DWP architect Carol Leong has already experienced the benefits of working in the same model. “Working in digital allows you to visualize everything much faster,” she says. “Immediately, you can see what a shape looks like or what finishes look like in a space.”
The old-school model kept a barrier between architects and end users, who could only grasp ideas conceptually from the architect’s perspective. “End users can’t read drawings; they visualize them from a certain elevation and don’t really understand the concepts well,” Leong says. Enabling end users to view concepts in a 3D space helps architects and designers communicate their vision.
“With my teams, we really love working collaboratively in BIM because it helps us know and express our design at the same time,” Thongsrikate says. “Many people can do things in one model, so it’s a lot more effective when you present it to the client.”
For another DWP project done entirely in BIM, Star Entertainment Group’s The Star Casino redevelopment in Sydney, the team began working on the project well before everything moved to the cloud. “It’s a huge-scale project,” Leong says. “It’s a few city blocks in size, and we started working on it before BIM 360 was even a thing.”
The casino operates 24/7, so everything had to be well-thought-out before the team went on-site. “It was a five-year project where there was a lot of upscaling from our end and the client end,” Leong says. “We walked in on that project as executive architects and also as designers.” DWP ultimately did all of the BIM, as well as the architecture and design.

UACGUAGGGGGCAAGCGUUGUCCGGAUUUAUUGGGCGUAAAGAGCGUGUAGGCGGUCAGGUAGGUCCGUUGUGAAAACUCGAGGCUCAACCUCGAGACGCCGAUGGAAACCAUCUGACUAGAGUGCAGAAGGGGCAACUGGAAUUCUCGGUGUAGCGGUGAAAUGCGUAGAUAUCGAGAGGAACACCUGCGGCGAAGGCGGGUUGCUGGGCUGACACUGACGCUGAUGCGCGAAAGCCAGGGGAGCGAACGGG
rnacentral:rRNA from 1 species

The workflow brought teams together in a new way. “In the role of BIM manager, you can lose sight of why you need to do some things for architecture,” Leong says. “And when you’re an architect, you’re so focused on architecture that you lose sight of why people have to do certain things in a different way. Working together as a team, rather than as two separate teams, has definitely made our process work a lot better.”
Future plans for DWP and DWP|Signature include geographic expansion and adding more digital tools to bolster creativity and efficiency. Digital connectivity has led to accelerated technological breakthroughs across the company, giving rise to better collaboration and more opportunities for a broadened global reach. “We’re very keen to open an office in London, hopefully within this year,” Whittaker says. “I think collaboration is at the core—collaborating with great people and enjoying what we do.”